And I believe very firmly that the imbalance in funding of autism research must be shifted from the near 100% funding of genetic based autism research to a  model which provides equal funding for environmentally focused autism research. 

I hope that the ScienceBlogs bloggers abandon cheap personal attacks on those who question vaccine safety and offer ... some real science.   I hope they live up to their claim of being science bloggers ... at least when they are discussing autism disorders.

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farmwifetwo said...

Bon chance.... doubtful.

I fall into the "there is more in heaven and earth" catagory when it comes to autism. If genetics was the one and only cause. If Dev Ped's were magically dx'ing everyone that had the slightest quirk with autism... then genes would have been discovered and IMO the Dev Ped's should be charged with malpractice for lying.

Although..... according to my FSW... there is a psychiatrist in the area that for $75 will give you that dx.... the question is... to everyone??? She had concerns.

David Gorski said...

My goodness, Harold. I'm confused. Could you please tell me when and where I have ever argued that 'it has been "scientifically proven for all time" that there are no environmental causes or triggers of autism' or that the issue is "decided for all time"?

Seriously. I want to know.

In fact, I challenge you to show me where I've ever argued that.

You just don't like the fact that I don't buy into the anti-vaccine nonsense claiming that vaccines cause autism and say so vigorously or that I've written the occasional post showing that alleged connections with environmental causes or triggers of autism have been crappy science. For instance, the claim last year that power plant emissions were a cause of autism clusters:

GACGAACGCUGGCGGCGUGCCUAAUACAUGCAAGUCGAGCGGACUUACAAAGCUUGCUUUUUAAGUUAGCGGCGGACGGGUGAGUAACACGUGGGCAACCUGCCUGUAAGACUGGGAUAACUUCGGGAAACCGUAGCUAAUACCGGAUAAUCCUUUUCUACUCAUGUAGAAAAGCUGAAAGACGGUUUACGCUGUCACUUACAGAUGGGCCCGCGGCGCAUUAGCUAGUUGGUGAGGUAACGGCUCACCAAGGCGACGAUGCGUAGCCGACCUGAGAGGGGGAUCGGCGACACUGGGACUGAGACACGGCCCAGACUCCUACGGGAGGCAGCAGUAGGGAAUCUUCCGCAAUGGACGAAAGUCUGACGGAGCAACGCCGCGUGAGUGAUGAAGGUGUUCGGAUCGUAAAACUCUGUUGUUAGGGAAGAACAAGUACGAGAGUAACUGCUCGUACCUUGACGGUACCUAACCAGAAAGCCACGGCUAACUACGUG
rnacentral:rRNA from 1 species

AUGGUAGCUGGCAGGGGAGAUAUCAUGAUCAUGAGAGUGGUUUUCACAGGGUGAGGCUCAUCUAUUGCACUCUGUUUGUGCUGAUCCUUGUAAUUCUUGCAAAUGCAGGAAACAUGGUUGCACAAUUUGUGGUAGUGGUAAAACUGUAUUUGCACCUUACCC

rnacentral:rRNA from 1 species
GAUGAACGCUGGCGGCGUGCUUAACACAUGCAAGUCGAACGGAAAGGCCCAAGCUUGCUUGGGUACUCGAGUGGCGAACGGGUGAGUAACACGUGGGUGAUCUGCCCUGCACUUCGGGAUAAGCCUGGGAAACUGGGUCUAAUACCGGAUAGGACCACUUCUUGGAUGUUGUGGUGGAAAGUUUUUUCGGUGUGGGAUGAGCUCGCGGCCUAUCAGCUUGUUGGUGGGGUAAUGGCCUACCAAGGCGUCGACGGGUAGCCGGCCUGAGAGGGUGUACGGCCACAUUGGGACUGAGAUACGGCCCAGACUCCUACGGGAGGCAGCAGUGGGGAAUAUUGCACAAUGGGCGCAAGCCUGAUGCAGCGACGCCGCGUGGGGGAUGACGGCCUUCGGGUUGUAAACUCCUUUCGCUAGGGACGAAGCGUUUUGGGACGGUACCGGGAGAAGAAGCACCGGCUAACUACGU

Let's look at the final paragraph of that post, shall we? Here it is:

"It’s entirely possible that some environmental factor, or factors, may contribute to the development of autism, either on their own or by acting with some genetic susceptibility, but if that is the case with mercury this study is thin gruel to use to support such a hypothesis. In fact, it’s not even that good as a hypothesis-generating study. There’s just too much potential interference from confounding variables that hasn’t been accounted for. I have to wonder about the quality of the peer review of this particular journal. After all, if Joseph and I, neither of whom are epidemiologists and one of whom is not a physician or scientist, can spot the glaring flaws in this study, why couldn’t the peer reviewers?"

D'oh! That doesn't sound very much like I've declared the matter "scientifically settled for all time," now does it?

My goodness. If you're going to criticize me, at least do me the solid of criticizing me for something I actually said or wrote. What you've accused me of isn't even a straw man. It's just plain false. I have said time and time again that vaccines don't cause autism because the scientific evidence is overwhelming that there is no link between them. I have never, however, said that there is no enviromental trigger or cause and that the science is completely settled for all time. Of course when anti-vaccinationists say "environmental trigger," it's almost always code for "teh vaccines done it!" but I'll take your word for it that you don't mean it that way.

Unknown said...

Dr. Gorski

If you are confused well, then you are confused. I will try to clarify.

My references to your views on the environmental components of autism were not direct quotes and were not presented as direct quotes. They reflected how I interpret, after sorting through statements you have actually made on the subject, in your usual rambling, angry fashion.

1) You reduce the environmental component of autism disorders to the vaccine issue about which you obsess frequently.